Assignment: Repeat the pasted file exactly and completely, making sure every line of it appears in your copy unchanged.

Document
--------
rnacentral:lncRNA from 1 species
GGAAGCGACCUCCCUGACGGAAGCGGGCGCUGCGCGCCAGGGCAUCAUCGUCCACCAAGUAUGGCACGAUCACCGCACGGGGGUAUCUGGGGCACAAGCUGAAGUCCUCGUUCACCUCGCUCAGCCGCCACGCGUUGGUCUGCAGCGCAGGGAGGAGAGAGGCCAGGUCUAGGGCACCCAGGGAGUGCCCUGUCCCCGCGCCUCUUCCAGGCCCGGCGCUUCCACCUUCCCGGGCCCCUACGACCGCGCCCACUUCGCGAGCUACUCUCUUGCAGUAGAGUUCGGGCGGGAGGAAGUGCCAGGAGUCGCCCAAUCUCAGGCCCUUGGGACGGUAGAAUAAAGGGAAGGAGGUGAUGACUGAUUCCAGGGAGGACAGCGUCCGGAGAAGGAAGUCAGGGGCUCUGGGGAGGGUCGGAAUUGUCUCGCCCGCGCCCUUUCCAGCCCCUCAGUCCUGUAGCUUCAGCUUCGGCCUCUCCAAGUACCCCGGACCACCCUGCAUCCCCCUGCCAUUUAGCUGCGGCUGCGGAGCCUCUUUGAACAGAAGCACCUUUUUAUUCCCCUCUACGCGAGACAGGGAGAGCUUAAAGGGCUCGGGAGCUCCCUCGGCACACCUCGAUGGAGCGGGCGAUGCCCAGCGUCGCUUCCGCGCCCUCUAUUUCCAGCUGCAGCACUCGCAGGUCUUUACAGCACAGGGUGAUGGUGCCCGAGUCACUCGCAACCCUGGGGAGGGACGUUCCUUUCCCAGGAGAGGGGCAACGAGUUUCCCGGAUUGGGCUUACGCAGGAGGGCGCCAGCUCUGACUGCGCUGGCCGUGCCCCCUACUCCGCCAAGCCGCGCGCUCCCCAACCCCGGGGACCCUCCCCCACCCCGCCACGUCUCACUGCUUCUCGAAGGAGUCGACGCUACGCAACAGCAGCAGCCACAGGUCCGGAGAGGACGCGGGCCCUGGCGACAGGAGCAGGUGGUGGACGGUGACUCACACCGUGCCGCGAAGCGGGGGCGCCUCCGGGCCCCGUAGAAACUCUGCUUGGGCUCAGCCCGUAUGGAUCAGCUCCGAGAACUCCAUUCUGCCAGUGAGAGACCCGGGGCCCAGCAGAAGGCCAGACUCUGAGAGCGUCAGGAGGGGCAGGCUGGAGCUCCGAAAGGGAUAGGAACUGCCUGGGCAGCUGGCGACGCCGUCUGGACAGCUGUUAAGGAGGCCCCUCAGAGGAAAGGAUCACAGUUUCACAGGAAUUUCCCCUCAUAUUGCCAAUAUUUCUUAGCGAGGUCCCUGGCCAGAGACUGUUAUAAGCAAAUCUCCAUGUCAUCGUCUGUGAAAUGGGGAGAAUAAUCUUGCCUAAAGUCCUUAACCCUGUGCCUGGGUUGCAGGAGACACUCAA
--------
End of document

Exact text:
rnacentral:lncRNA from 1 species
GGAAGCGACCUCCCUGACGGAAGCGGGCGCUGCGCGCCAGGGCAUCAUCGUCCACCAAGUAUGGCACGAUCACCGCACGGGGGUAUCUGGGGCACAAGCUGAAGUCCUCGUUCACCUCGCUCAGCCGCCACGCGUUGGUCUGCAGCGCAGGGAGGAGAGAGGCCAGGUCUAGGGCACCCAGGGAGUGCCCUGUCCCCGCGCCUCUUCCAGGCCCGGCGCUUCCACCUUCCCGGGCCCCUACGACCGCGCCCACUUCGCGAGCUACUCUCUUGCAGUAGAGUUCGGGCGGGAGGAAGUGCCAGGAGUCGCCCAAUCUCAGGCCCUUGGGACGGUAGAAUAAAGGGAAGGAGGUGAUGACUGAUUCCAGGGAGGACAGCGUCCGGAGAAGGAAGUCAGGGGCUCUGGGGAGGGUCGGAAUUGUCUCGCCCGCGCCCUUUCCAGCCCCUCAGUCCUGUAGCUUCAGCUUCGGCCUCUCCAAGUACCCCGGACCACCCUGCAUCCCCCUGCCAUUUAGCUGCGGCUGCGGAGCCUCUUUGAACAGAAGCACCUUUUUAUUCCCCUCUACGCGAGACAGGGAGAGCUUAAAGGGCUCGGGAGCUCCCUCGGCACACCUCGAUGGAGCGGGCGAUGCCCAGCGUCGCUUCCGCGCCCUCUAUUUCCAGCUGCAGCACUCGCAGGUCUUUACAGCACAGGGUGAUGGUGCCCGAGUCACUCGCAACCCUGGGGAGGGACGUUCCUUUCCCAGGAGAGGGGCAACGAGUUUCCCGGAUUGGGCUUACGCAGGAGGGCGCCAGCUCUGACUGCGCUGGCCGUGCCCCCUACUCCGCCAAGCCGCGCGCUCCCCAACCCCGGGGACCCUCCCCCACCCCGCCACGUCUCACUGCUUCUCGAAGGAGUCGACGCUACGCAACAGCAGCAGCCACAGGUCCGGAGAGGACGCGGGCCCUGGCGACAGGAGCAGGUGGUGGACGGUGACUCACACCGUGCCGCGAAGCGGGGGCGCCUCCGGGCCCCGUAGAAACUCUGCUUGGGCUCAGCCCGUAUGGAUCAGCUCCGAGAACUCCAUUCUGCCAGUGAGAGACCCGGGGCCCAGCAGAAGGCCAGACUCUGAGAGCGUCAGGAGGGGCAGGCUGGAGCUCCGAAAGGGAUAGGAACUGCCUGGGCAGCUGGCGACGCCGUCUGGACAGCUGUUAAGGAGGCCCCUCAGAGGAAAGGAUCACAGUUUCACAGGAAUUUCCCCUCAUAUUGCCAAUAUUUCUUAGCGAGGUCCCUGGCCAGAGACUGUUAUAAGCAAAUCUCCAUGUCAUCGUCUGUGAAAUGGGGAGAAUAAUCUUGCCUAAAGUCCUUAACCCUGUGCCUGGGUUGCAGGAGACACUCAA